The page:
The latest photos from our Flickr photo gallery.
- 2005. Nepal, Kathmandu. Tiger skin - Mole/EIA
- 1998. India pench tiger skull - Joanna Van Gruisen/EIA
- 1998_China_Shenzhen_Fake Tiger_Parts_Street_Merchant_01
- 2005. China, Litang. Tiger costumes - Belinda Wright/WPSI/EIA
- Elliott Neep
- 2013 July UK London_PR_Greens on the Green Festival0011
- 2013 July UK London_PR_Greens on the Green Festival0006
- 2013 July UK London_EC_Greens on the Green Festival70
- 2013 July UK London_EC_Greens on the Green Festival67
- 2013 July UK London_EC_Greens on the Green Festival59
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Following EIA's Sin City report, the Kings Romans resort (and hub of illegal wildlife trade) in Laos continues to make headlines for all the wrong reasons ...
'All bets are off inside Laos' jungle sin city'
... Alongside gambling a whole host of other bacchanalian industries have sprung up to cater to punters looking to play away from prying eyes in their homelands.
Sex workers openly ply their trade on the sidewalks or at the myriad massage parlours.
"People love to come here with friends and book private rooms," explains a Chinese member of staff at a disco near the casino.
"Most are men and they bring in girls."
Conservationists say the SEZ also caters to those with illegal culinary tastes.
* Read the EIA report 'Sin City: Illegal wildlife trade in Laos’ Special Economic Zone' at ht.ly/QpUlS
A recent probe by campaign group the Environmental Investigation Agency (EIA) found visitors could openly buy products from endangered species including tigers, leopards, elephants, rhinos and bears.
Restaurants offered sauteed tiger meat, bear paws and live pangolins on their menus.
"One business kept a live python and a bear cub in cages, both of which were available to eat on request," the NGO's investigators found.
During AFP's visit in early April, the businesses allegedly unmasked by the EIA investigation were no longer open.
Full story at uk.news.yahoo.com/bets-off-inside-laos-jungle-064446993.html#4H5TLqy
#Laos #China #tigers #ivory #rhino
Image: Big cat skeleton in a vat of tiger bone wine, from the Kings Romans brochure ... See MoreSee Less
7 hours ago ·
EIA co-founder Dave Currey blogs on the failures of the 'use it or lose it' policy for wildlife ...
'Cecil "use it or lose it" policy drives elephant slaughter'
The cruel death of Cecil the lion in Zimbabwe is no accident. Hunting associations may be calling for prosecutions, but that’s not because this is a one-off case. It’s because they’ve been caught.
According to the Guardian an Oxford University study was looking “into the impact of sports hunting on lions living in the safari area surrounding the national park. The research found that 34 of 62 tagged lions died during the study period. 24 were shot by sport hunters. Sport hunters in the safari areas surrounding the park killed 72% of tagged adult males from the study area.”
Zimbabwe, along with South Africa, Namibia and Botswana have been leading a southern African policy of “use it or lose it” for decades. They argue that unless wildlife has a money value (by killing it) the local communities will not tolerate wildlife on their doorstep.
There have been some well publicised success stories where the lives of a few elephants, paid for and shot by wealthy sport hunters, have convinced communities to return their cattle areas to wildlife. Schools have been built and water pumps installed. On the advice of highly paid US and European public relations companies journalists have been flown out to witness this pragmatic miracle.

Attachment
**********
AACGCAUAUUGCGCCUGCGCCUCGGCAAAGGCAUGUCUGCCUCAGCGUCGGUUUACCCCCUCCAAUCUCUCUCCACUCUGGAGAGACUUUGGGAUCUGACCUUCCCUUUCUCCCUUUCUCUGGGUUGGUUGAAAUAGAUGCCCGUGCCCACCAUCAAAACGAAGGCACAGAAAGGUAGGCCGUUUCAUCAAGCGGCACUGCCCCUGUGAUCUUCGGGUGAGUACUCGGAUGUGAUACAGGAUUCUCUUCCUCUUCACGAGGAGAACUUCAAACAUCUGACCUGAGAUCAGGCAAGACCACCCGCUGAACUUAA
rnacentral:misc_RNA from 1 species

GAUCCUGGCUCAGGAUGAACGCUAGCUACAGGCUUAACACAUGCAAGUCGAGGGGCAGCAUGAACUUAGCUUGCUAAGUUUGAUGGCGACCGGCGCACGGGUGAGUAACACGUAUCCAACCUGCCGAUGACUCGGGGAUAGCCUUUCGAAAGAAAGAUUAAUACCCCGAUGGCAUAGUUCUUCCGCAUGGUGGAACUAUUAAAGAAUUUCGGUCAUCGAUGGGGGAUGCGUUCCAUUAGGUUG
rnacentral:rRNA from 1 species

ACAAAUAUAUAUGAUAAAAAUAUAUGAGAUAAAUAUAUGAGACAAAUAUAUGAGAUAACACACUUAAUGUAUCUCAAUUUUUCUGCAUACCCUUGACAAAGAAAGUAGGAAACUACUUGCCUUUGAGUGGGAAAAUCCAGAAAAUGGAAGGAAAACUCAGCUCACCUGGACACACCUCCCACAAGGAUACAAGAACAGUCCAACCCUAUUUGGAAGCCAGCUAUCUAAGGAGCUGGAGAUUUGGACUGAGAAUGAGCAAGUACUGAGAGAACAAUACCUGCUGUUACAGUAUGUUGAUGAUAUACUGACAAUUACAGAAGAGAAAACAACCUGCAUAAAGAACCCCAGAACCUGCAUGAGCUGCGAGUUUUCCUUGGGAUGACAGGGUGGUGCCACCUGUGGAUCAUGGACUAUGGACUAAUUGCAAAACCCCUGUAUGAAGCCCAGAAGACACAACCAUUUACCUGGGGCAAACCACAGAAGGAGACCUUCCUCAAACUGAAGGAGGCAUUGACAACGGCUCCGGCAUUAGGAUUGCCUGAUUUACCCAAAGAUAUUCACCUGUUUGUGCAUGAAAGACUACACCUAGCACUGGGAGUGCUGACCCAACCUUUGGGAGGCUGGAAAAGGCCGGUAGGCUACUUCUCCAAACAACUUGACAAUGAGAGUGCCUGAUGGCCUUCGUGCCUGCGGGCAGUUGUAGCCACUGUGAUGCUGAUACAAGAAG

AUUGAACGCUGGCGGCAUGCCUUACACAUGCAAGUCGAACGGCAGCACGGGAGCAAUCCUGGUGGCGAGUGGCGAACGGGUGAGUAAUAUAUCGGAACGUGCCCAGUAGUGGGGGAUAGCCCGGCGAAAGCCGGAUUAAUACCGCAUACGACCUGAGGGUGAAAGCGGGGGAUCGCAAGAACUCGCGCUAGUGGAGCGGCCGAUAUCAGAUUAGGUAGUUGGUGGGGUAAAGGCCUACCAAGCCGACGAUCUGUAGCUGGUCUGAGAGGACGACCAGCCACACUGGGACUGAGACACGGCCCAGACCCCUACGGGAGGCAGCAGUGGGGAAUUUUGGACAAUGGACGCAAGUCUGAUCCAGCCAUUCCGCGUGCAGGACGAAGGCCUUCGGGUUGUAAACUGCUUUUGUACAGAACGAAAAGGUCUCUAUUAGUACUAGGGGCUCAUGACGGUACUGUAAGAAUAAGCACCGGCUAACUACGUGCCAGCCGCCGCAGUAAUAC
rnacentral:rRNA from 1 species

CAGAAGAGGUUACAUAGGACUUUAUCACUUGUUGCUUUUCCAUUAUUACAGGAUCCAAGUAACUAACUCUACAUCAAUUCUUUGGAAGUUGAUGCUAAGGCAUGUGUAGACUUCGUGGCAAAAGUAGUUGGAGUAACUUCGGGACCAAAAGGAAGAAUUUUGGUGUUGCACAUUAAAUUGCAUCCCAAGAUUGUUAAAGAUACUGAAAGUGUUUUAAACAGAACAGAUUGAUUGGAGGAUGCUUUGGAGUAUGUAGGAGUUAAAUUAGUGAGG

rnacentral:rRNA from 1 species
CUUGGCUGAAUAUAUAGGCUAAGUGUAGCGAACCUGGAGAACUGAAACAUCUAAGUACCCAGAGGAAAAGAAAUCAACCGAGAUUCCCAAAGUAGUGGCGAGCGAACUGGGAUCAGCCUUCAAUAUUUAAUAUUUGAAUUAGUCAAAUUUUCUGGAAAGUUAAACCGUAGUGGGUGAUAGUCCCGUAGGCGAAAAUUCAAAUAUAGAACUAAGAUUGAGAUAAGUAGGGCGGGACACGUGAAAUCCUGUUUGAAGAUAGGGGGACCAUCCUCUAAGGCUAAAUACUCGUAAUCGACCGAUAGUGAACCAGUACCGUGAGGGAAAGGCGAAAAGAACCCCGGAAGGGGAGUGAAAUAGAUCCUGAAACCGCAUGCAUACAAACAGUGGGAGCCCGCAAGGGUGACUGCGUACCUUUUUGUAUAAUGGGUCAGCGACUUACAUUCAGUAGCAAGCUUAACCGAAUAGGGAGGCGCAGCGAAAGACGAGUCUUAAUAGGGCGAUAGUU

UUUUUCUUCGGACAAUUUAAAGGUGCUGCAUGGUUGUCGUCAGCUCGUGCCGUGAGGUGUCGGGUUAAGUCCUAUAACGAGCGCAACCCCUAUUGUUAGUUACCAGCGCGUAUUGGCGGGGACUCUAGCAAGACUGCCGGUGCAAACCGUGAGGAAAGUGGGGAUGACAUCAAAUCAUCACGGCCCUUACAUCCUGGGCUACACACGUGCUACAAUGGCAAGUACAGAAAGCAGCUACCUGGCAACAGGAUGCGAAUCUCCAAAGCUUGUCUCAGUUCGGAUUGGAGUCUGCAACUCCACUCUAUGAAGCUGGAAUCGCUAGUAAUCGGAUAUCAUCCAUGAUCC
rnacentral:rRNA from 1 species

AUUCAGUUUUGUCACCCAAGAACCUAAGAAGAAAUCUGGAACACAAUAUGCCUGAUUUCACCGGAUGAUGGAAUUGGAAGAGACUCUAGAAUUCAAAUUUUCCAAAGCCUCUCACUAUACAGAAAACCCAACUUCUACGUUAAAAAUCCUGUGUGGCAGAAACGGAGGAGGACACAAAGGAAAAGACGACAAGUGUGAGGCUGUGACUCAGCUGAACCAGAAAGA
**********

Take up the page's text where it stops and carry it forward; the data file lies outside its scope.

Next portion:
This policy has riddled the debate over international trade in wildlife for four decades with the world’s largest conservation group WWF trumpeting “use it or lose it” at many international fora. Unsurprisingly their support of some trade in ivory has been less publicised in their fundraising literature.
The cost of these few success stories to our natural world and the brave Africans protecting their wildlife has been immense. The frontline battleground to push this policy has always been the trade in ivory.
Read Dave's blog in full at www.davecurrey.com/#!CECIL-USE-IT-OR-LOSE-IT-POLICY-DRIVES-ELEPHANT-SLAUGHTER/c1x7q/55bf3ef10cf28...
#elephants #ivory #hunting #poaching
Image: Young elephant mourning at a matriarch's poached carcass, Kenya 2011 (c) Dave Currey / EIA ... See MoreSee Less
8 hours ago ·
Thailand: Laos overlooked in ivory trade blitz
When customs officers at Suvarnabhumi airport recently intercepted huge stashes of ivory stuffed inside shipments of beans and tea leaves, the seizures were described as groundbreaking international police work.
Europol, the international police agency, said the sting operation that led to them was "the biggest ever coordinated international law enforcement operation targeting the illegal trade in endangered species".
But there was a major omission in the operation, which took place over the past four months and uncovered more than 1,300 elephant tusks: There was no cooperation with and no arrests in the country to which the ivory was being shipped - Laos. In recent years, Laos has become a major transit point for a variety of exotic and endangered animals.
Many countries across the world have enhanced their campaigns against wildlife trafficking syndicates that are draining Asia's jungles and the African savannah of elephants, rhinoceroses and other animals, many of them considered choice foods in parts of Asia. But Laos, run by its secretive and authoritarian communist government, stands out as a bastion of impunity, say those involved in the crackdown.
Full story at www.bangkokpost.com/news/asean/641332/laos-overlooked-in-ivory-trade-blitz
#Thailand #Laos #elephants #ivory
Image: The Suvarnabhumi airport bust last April weighed out at four tonnes for 700 elephant tusks, the biggest illegal ivory seizure in Thai history, via bangkokpost.com ... See MoreSee Less
8 hours ago ·